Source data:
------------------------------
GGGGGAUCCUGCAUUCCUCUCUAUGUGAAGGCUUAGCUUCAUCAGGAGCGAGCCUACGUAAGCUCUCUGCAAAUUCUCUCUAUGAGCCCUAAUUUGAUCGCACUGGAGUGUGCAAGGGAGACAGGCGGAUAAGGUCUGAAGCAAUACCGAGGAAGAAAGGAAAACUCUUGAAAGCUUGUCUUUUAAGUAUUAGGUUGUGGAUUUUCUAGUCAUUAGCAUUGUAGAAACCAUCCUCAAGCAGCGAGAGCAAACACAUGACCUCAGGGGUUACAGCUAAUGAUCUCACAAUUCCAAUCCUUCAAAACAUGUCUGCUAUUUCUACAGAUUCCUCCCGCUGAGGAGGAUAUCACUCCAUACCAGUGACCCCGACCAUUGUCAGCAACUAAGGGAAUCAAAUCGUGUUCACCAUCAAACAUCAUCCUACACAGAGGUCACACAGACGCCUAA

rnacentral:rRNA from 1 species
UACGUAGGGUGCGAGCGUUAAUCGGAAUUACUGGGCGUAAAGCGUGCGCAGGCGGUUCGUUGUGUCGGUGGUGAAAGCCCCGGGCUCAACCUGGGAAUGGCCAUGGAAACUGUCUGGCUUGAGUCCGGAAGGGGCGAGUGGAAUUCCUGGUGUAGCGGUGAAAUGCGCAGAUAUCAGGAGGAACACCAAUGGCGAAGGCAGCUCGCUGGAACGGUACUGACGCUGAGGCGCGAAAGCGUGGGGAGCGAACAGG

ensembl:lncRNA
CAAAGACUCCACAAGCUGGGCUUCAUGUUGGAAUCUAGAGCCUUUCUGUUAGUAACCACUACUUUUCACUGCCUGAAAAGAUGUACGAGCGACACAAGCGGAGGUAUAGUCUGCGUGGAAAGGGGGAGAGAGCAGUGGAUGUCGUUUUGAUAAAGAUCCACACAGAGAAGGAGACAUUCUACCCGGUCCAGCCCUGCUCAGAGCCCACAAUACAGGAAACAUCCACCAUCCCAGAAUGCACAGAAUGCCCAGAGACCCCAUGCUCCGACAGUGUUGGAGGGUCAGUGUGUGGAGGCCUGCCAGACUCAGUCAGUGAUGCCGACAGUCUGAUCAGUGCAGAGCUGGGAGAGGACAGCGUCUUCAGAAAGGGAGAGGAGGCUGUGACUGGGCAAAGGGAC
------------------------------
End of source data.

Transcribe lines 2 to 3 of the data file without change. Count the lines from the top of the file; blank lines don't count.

rnacentral:rRNA from 1 species
UACGUAGGGUGCGAGCGUUAAUCGGAAUUACUGGGCGUAAAGCGUGCGCAGGCGGUUCGUUGUGUCGGUGGUGAAAGCCCCGGGCUCAACCUGGGAAUGGCCAUGGAAACUGUCUGGCUUGAGUCCGGAAGGGGCGAGUGGAAUUCCUGGUGUAGCGGUGAAAUGCGCAGAUAUCAGGAGGAACACCAAUGGCGAAGGCAGCUCGCUGGAACGGUACUGACGCUGAGGCGCGAAAGCGUGGGGAGCGAACAGG